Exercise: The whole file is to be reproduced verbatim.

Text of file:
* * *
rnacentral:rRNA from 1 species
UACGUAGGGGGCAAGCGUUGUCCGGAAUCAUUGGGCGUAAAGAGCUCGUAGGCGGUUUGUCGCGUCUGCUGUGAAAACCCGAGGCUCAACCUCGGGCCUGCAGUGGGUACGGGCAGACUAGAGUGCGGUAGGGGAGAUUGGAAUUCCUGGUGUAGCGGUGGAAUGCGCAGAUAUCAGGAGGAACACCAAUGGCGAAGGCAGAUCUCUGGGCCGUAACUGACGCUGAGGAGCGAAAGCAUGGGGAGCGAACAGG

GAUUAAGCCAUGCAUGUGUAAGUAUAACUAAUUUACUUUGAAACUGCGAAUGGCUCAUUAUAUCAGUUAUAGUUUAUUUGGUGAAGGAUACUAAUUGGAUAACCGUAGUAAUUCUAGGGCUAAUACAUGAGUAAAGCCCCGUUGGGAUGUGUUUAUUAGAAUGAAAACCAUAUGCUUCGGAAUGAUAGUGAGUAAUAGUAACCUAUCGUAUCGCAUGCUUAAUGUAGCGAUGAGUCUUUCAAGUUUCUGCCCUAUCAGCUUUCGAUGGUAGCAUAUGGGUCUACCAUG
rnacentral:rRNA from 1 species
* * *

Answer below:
rnacentral:rRNA from 1 species
UACGUAGGGGGCAAGCGUUGUCCGGAAUCAUUGGGCGUAAAGAGCUCGUAGGCGGUUUGUCGCGUCUGCUGUGAAAACCCGAGGCUCAACCUCGGGCCUGCAGUGGGUACGGGCAGACUAGAGUGCGGUAGGGGAGAUUGGAAUUCCUGGUGUAGCGGUGGAAUGCGCAGAUAUCAGGAGGAACACCAAUGGCGAAGGCAGAUCUCUGGGCCGUAACUGACGCUGAGGAGCGAAAGCAUGGGGAGCGAACAGG

GAUUAAGCCAUGCAUGUGUAAGUAUAACUAAUUUACUUUGAAACUGCGAAUGGCUCAUUAUAUCAGUUAUAGUUUAUUUGGUGAAGGAUACUAAUUGGAUAACCGUAGUAAUUCUAGGGCUAAUACAUGAGUAAAGCCCCGUUGGGAUGUGUUUAUUAGAAUGAAAACCAUAUGCUUCGGAAUGAUAGUGAGUAAUAGUAACCUAUCGUAUCGCAUGCUUAAUGUAGCGAUGAGUCUUUCAAGUUUCUGCCCUAUCAGCUUUCGAUGGUAGCAUAUGGGUCUACCAUG
rnacentral:rRNA from 1 species